Tax chartactular

Cross posted with permission from Mark the Graph:

A week ago I posted on the tax table in the National Accounts. At that time I noted the drop in taxes paid by residential corporations. In response to the post, some people commented that I should present the taxes paid as a proportion of nominal GDP.

In today’s Australian, the the drop off in taxes paid by corporations was noted by David Uren.

Last week’s national accounts show company tax payments have fallen from an all-time peak of 6.2 per cent of gross domestic product in 2007 as Peter Costello delivered his last budget, to just 3.8 per cent in the June quarter.

This is the lowest share since September 1996, when Costello delivered his first budget. It is less than during the global financial crisis and erodes all the gains in corporate taxation tapped by both governments to finance personal tax cuts, increased family benefits, higher pensions, greater education spending and much more during the past 16 years. No wonder the budget is in deficit.

For completeness, attached are a set of charts from table 18 in the National Accounts, with the tax take presented as a proportion of nominal GDP for the quarter. Enjoy!
























  1. A couple of points I’d like to make: income taxes on individuals have slumped almost as badly as company tax. And GST has not proved to be the growth tax it was once touted as. (Why? is the black economy growing?)

    To complete the picture of what is happening in the economy, it would be great to have household saving as a percentage of GDP, business investment as a percentage of GDP and government spending as a percentage of GDP.

    Finally, a question: what is Taxes on Income – Individuals – Other?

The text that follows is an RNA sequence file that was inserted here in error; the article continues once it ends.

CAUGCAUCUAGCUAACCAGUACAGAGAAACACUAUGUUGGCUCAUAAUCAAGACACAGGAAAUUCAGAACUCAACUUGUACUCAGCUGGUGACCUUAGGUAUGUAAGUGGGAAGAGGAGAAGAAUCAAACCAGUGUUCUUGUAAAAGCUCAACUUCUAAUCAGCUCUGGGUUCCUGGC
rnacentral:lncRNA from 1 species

• Taxes on Income – Individuals – Other is probably taxes raised on individual income that is not wages, i.e. earnings of contractors and passive investment income such as dividends/interest.

      I don’t think that the GST is performing below expectations because of the black economy. It’s more likely to be because key areas of expenditure (health, education, certain elements of housing and food) are not subject to GST.

      Funnily enough, these are also the areas of expenditure that have been growing faster-than-CPI over the last 12 years.

      So inevitably, an increasing proportion of total final expenditure is falling outside the GST system.

  2. Interesting that the total of all taxes shows around 27%, but what about State & Local council rates & taxes? The total figure does not sound correct to me.

  3. Diogenes the CynicMEMBER

    Great charts and analysis.

    Capital losses accumulated from the GFC must be causing some of the weakness in both individual and company tax returns – large gains would have been reported for most in 2006, 2007 and 2008. It will take a while for them to wash through…I have seen predictions of as much as a decade but I guess it depends on whether our asset markets have another bull run (not my prediction for the near term mind you).